• aquifer

    A lack of exercise is killing people, expensively for the NHS and those who pay for it.

    Good to get people started with exercise at school, otherwise we risk more parents burying their children.

  • When I’m really, really bored, and Sluggerdom isn’t providing for the digestive juices, I take my stick wi’ its horse’s head handle and shove it in Wallace’s ear. Or the next best (and safer) menagerie, considering what happened to Albert Ramsbottom, which is ConHome.

    The exchange there hasn’t been about the “Olympic legacy” (and they don’t mean what amounts to a couple years’ more digging, shoving and heaving on the Hackney Marshes), so much as open house on union-bashing. It has been a therapeutic liberation of the inner authoritarian. Consider some examples:

    ¶ … the last thing we want is to go back to a time when school sport was crippled by militant union leaders embarking on a damaging and irresponsible work to rule. Ed Miliband and Stephen Twigg must condemn their union allies for standing in the way of children who want to take part in sport after school.

    ¶ The teacher unions are full of lazy teachers and they don’t want their well paid occupations prejudiced by having to think about sport for their pupils. Until standards generally are improved in State school teaching primarily by the right to dismiss indolent teachers without reviews, I’m afraid things won’t improve.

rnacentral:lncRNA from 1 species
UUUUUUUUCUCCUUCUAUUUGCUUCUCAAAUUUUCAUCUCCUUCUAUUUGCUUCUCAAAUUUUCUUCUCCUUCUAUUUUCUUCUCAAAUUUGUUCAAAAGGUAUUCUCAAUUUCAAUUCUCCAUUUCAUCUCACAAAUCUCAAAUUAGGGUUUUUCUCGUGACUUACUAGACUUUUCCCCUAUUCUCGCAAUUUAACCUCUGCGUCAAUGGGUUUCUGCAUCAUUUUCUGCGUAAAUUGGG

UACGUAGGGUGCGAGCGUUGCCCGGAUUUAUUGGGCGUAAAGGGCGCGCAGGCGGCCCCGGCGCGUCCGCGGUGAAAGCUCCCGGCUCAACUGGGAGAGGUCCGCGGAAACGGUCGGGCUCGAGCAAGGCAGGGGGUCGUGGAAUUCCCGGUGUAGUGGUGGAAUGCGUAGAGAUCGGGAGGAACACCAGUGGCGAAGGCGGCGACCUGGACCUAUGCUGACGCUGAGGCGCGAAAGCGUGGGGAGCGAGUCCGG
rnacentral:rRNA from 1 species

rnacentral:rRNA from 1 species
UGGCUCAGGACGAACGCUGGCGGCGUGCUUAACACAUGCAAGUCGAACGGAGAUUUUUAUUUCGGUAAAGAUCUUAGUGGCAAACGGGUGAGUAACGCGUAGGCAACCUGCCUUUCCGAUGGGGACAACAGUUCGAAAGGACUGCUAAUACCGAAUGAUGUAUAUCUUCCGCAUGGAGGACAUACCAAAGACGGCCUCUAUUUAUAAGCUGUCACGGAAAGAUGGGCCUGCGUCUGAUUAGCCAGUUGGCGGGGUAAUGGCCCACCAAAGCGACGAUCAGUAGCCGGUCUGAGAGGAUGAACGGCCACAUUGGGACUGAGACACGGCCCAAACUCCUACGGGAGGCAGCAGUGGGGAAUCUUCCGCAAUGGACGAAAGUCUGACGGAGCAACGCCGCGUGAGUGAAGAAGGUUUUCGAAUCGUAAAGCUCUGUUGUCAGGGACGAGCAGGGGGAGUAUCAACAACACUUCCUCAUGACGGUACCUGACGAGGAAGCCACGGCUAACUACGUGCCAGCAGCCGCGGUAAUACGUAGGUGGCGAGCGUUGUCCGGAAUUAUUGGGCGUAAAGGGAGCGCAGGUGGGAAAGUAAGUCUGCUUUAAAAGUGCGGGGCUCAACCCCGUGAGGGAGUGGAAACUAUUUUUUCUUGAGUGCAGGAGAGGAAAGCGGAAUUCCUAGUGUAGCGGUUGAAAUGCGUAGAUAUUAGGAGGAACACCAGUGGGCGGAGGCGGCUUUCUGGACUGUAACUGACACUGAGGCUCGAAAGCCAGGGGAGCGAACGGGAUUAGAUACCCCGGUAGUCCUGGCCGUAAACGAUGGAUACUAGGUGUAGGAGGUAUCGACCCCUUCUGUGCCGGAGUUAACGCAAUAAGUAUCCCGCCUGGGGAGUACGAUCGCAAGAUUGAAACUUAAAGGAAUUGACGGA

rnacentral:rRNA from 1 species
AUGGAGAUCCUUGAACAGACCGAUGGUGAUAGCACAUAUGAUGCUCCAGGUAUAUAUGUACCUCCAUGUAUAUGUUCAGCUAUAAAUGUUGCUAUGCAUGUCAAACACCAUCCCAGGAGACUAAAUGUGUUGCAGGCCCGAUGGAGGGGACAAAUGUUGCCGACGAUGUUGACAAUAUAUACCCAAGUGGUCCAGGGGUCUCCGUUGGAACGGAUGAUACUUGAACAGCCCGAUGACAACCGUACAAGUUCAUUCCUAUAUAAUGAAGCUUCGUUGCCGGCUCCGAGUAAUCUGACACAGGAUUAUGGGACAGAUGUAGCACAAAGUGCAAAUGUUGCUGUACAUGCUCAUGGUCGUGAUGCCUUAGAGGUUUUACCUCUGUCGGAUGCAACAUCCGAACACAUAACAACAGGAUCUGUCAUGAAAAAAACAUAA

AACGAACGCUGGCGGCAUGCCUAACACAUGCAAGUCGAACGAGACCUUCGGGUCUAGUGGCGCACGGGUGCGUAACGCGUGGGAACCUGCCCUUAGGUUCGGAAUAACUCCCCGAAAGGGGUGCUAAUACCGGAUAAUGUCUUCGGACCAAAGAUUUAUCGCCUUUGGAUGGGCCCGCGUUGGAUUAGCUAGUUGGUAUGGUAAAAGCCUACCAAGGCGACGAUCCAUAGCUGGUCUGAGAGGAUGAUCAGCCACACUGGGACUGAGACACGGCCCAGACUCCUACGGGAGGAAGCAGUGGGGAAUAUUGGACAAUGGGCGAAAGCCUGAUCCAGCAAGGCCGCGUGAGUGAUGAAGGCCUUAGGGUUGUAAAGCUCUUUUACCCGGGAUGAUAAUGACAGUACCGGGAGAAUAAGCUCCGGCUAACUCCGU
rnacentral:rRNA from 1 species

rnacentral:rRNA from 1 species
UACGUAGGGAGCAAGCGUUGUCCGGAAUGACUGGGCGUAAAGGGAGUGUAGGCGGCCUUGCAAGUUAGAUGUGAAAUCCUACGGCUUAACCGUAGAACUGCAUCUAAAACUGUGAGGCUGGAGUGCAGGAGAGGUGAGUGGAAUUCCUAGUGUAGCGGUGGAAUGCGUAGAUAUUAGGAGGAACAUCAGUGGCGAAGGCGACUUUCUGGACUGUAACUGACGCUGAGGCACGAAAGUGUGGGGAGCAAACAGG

¶ … make it part of school contracts with the State to explicitly timetable 2 hours’ sport each day, and include sport supervision in teachers’ contracts.

    ¶ I believe doing things you don’t necessarily like doing is what life, and especially working life, is all about – and it is good for youngsters to realise that sometimes you have to do things you don’t want to do.

    ¶ Old-fashioned rigour has lost its place in our soft-touch, over-feminized society.

    ¶ Boris says schools should provide two hours of PE daily

    This, of course, is one game anyone can play.

    So, while aquifer @ 5:32 am undoubtedly has a point, how far do we want to take it? Many school-students are constitutionally opposed to all that physical stuff. Stuffing PE into a particular timetable slot has, let’s admit it, the faintest whiff of Mrs Squeers’ expense of flower of brimstone and molasses, just to purify them.

    Essentially my sticking-point is that nothing in schools can be or should be just for fun anymore. The be-all and end-all is “it’s good for them”. That’s hardly the Corinthian spirit, nor Dr Arnold’s “muscular Christianity”, which ethos seems to be at the root of all this. For the record, when Arnold “invented” the Victorian public school, his recruitment of students was: “first, religious and moral principles; second, gentlemanly conduct, third, intellectual ability”. Just what is needed to rule an empire.

    Me? I’m off back to ConHome for another prod (and I feel a blog-post coming on).

  • Alias

    Does that two hours of PE mean two hour’s less of education or two extra hours in school? Either way, he’s not much good at politics.

  • Alias @ 5:22 pm:

    Touché!

    I wonder if there’s a clue here.